Humans have studied the stars for as long as mankind has looked upon the night sky. Historically, natural disasters and human events have been explained by changes in the stars. Today, many still believe that these astrological signs in the form of horoscopes can give us insight into what will happen in our lives, and platforms from VICE to the The Washington Post offer horoscope forecasts on the daily.
On behalf of The Fourcast, I have set out to test three of these platforms (Horoscope.com, Huffington Post and The Washington Post) to find out which one gives the most accurate results.
To start off my testing of different horoscope sources, I thought it was best to start with the classic Horoscope.com, which includes almost overwhelming features, from daily general horoscopes to more specific daily readings such as money, health, and career. I focused on the main reading, which foretold that I would be able to accomplish many chores that day but potentially procrastinate on real work. The reading was pretty true, because as the end of the quarter approaches I had a lot of work to do on Wednesday but at times felt lacking of motivation. The horoscopes from this website seem to be more about advice than a telling of the future, which I suppose can be helpful, even for people who don’t believe in horoscopes since the advice is often pretty universal.
On Thursday, I looked to Huffington Post for my daily horoscope. The advice for this day said to remember the past while making decisions. Honestly, the advice was very vague, saying that, “ancient wisdom that makes its truth prove relevant time and time again”. Those that do not believe in horoscopes often point to their pervasive vagueness as a fault. From the two horoscopes I have read so far in this test I can tell that the advice is meant to apply to as many people reading as possible. However, I am not sure if that is a fault. If someone wants advice, it is nice to know there are so many horoscope websites with advice that will most likely hit home or at least have a detail almost anyone can apply to their life.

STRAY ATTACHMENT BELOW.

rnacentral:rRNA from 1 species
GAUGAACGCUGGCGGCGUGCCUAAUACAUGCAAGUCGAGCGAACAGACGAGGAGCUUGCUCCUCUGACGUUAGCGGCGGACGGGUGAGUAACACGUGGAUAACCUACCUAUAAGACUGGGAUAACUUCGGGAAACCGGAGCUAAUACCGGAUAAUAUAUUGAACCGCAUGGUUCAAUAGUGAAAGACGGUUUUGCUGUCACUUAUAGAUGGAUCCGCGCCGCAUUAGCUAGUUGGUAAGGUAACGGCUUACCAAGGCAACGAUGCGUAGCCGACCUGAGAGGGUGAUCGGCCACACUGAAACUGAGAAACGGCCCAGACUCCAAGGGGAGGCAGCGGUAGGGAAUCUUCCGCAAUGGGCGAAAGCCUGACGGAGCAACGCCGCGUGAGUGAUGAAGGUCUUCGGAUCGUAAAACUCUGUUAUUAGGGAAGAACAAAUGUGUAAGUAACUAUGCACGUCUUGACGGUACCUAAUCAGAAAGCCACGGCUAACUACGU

The Washington Post
For the last day of horoscopes, I looked at The Washington Post’s horoscope section. My daily horoscope said I “the money [I] have been spending so freely is in danger or running out” and advised me to see how quickly I could get through errands. Generally, The Washington Post would be considered more credible than HuffPost or www.horoscope.com, this final daily horoscope proved to be pretty wrong. For once, I have not been spending as much as usual and feel like there is not a need for me focus more on that aspect of my life.
Overall, I learned that horoscopes are very generalized for a reason, but they can still be something fun to read and find something to relate to. I think horoscopes are really just a matter of preference. What I also found when searching for horoscope sources were many monthly horoscopes that advise on each sign’s month as a whole. These monthly horoscopes are often more in depth and predict how one’s month will go as well as just offering advice. I actually found Man Repeller’s monthly horoscope and Rookie Mag’s horoscopes very interesting to read and I will potentially go back to check them throughout the month.
Story by Niamh McKinney.